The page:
3 To Know: Frontier to launch Fort Myers-Colorado Springs nonstop
1. Frontier to launch Fort Myers-Colorado Springs nonstop
Starting in the fall, Frontier Airlines will launch nonstop service from Southwest Florida International Airport to the following six destinations:
- Colorado Springs, Colorado, starting Oct. 5
- Islip, New York, starting Oct. 5
- Providence, Rhode Island, starting Oct. 6
- Nashville, Tennessee, starting Oct. 6
- Buffalo, New York, starting Dec. 10
- Kansas City, Kansas, Dec. 10
This is part of a major network expansion for Frontier in which the airline will add 21 new cities, increase by 30 percent the number of destinations it serves and double the number of routes.
To celebrate the announcement, the low-fare airline is offering limited-time fares starting at $39.
Tickets are available for sale now. -- Laura Ruane/News-Press
2. Vehicle kills Florida panther on Collier Boulevard near Naples
A Florida panther was found dead Tuesday along a road near Naples, the Florida Fish and Wildlife Conservation Commission reported.
The 2½-year-old female panther was struck by a vehicle on Collier Boulevard near the City Gate Commerce Center in Golden Gate Estates, just north of the cross-state Alligator Alley stretch of Interstate 75.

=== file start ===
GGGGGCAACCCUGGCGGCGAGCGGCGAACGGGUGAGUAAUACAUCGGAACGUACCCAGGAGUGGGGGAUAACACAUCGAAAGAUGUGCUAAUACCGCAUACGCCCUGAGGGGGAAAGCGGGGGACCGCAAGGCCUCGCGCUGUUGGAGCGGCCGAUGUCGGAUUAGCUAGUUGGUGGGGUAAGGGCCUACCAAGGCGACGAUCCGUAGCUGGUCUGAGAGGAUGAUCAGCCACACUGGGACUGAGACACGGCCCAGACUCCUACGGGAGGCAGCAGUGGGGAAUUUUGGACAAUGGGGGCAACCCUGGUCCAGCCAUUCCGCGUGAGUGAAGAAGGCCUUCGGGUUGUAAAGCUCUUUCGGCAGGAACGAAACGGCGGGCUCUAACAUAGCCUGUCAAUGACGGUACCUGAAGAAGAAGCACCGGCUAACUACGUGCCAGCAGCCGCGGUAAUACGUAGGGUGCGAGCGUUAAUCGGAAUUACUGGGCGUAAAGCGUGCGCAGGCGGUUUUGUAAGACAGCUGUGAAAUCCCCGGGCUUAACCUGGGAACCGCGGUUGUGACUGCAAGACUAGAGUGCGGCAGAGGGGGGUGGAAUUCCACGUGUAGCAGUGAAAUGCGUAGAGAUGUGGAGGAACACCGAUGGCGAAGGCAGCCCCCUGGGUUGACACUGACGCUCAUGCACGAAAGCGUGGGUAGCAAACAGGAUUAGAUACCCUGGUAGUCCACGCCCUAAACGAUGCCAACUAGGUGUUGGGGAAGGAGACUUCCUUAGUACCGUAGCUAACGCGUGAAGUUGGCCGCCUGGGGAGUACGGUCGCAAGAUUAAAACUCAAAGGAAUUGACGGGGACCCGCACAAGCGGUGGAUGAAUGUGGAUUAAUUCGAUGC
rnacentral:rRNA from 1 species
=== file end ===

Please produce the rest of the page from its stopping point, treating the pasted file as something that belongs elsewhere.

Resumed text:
The panther, which did not have a tracking collar, was the 13th reported killed on a Southwest Florida road this year; most of those panthers were killed in Collier County. The FWC lists 17 reported deaths. -- Eric Staats/Staff
3. Two Southwest Florida hospitals make nationwide 'most wired' list
Two Southwest Florida hospital systems have been put on a nationwide list of “most wired” with technology that helps advance patient care.
Lee Health in Lee County and the NCH Healthcare System in Collier County are among 21 Florida hospitals that made the 2017 list, based on an annual survey by the American Hospital Association.
The survey is conducted with 698 health care systems representing 2,158 hospitals nationwide, about 39 percent of all U.S. hospitals.
The hospitals considered "most wired" use smartphones, telehealth and remote monitoring, among other things, to help promote patient health and security. -- Liz Freeman/Staff